In the late 1970s, Dolly Parton, Linda Ronstadt, and Emmylou Harris began to record together – on an occasional basis. Perhaps the best-known of these tracks was their cover of the Pop classic “Mr. Sandman.” However, due to record company politics, the three iconic women couldn’t really explore each other’s talents to the extent that they wanted to. However, with Dolly’s recording contract with RCA coming to an end in 1986, the time was certainly right for a collaborative effort.
It proved to be worth the wait. Simply titled Trio, the album wound up spawning four top ten hits and selling over four million copies. Twelve years later, the ladies released Trio II, which won a Grammy – just like the original release. It was also certified Gold – no small feat as by 1999, Country Radio had pretty much refused to play anyone under the age of 50.
Now, almost two decades later, Rhino Records has released this three-disc set which combines what we know of the Trio sound…..along with much of what we have never heard before. The first two disc are remastered versions of the first two releases, and what’s amazing is how revolutionary the original album still sounds some three decades after its’ release. In a sense, you could say that the original Trio could be one of the first Americana albums. I think that would be an apt description. It was such a vast departure from the fully produced music that was coming from Nashville at the time – some of that from Parton herself. Songs like “Wildflowers” and “Those Memories Of You” still resonate with the simplicity and grace that they did in 1987.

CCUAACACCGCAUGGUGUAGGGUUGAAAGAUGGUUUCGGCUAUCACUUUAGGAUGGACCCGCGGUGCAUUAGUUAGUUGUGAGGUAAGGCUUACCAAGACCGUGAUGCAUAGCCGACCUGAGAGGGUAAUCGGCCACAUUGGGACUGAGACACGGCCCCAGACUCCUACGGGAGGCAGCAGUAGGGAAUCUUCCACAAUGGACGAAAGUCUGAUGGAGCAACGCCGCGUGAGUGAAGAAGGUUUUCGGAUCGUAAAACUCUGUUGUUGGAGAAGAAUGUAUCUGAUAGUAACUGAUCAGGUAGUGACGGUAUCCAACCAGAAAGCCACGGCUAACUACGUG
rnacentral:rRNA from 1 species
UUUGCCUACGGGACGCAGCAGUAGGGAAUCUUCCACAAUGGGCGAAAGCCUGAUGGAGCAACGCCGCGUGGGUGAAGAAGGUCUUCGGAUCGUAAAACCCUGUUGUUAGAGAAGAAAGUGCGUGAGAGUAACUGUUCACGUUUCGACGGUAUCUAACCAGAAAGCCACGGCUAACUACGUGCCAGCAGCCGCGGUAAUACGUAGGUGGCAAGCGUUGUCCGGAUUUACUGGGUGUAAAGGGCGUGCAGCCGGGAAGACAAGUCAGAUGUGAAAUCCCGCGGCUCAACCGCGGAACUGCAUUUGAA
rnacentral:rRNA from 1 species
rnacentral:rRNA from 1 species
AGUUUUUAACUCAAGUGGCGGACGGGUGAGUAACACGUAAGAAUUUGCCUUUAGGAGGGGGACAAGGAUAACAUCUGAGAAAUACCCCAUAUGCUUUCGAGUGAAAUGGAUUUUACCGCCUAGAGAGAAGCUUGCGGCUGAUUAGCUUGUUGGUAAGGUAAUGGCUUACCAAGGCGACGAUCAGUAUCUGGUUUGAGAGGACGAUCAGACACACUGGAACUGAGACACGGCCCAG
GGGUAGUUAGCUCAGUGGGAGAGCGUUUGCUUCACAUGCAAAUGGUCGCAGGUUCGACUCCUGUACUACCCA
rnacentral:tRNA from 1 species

The same could be said – although to a lesser extent – for the second disc. Originally recorded in 1994, the album – then and now – still sounds a little too mundane, a little too slow – at least for my tastes. (Especially, when comparing it to the original. There’s nothing with the bite of a “The Pain Of Loving You” or “My Dear Companion).” But, when three artists of such caliber get together, it is cause for celebration!
The jewel of this collection, however, is the third disc. A collection of unreleased cuts and outtakes from the original sessions, the disc proves once again just what legendary artists each are in their own right. Harris shines brightest on the rollicking “You Don’t Knock,” which benefits from a little bit of southern swagger, Parton takes front and center on the beautiful “A Handful of Dust,” which Patty Loveless fans might recall from her When Fallen Angels Fly album, and Linda sounds particularly moving on “In A Deep Sleep,” where she shows what a genius she was as a vocalist.
Reissues often don’t add anything new to the mix. But, in the case of The Complete Trio Collection, I wholeheartedly recommend it – regardless of how much you might have listened to either of the first two albums. The hidden gems on Disc Three are very much worth the purchase price alone – and, they do make you wonder what else might even be out there. But, for right now, I will take this and be very content with a unique piece of Country Music history!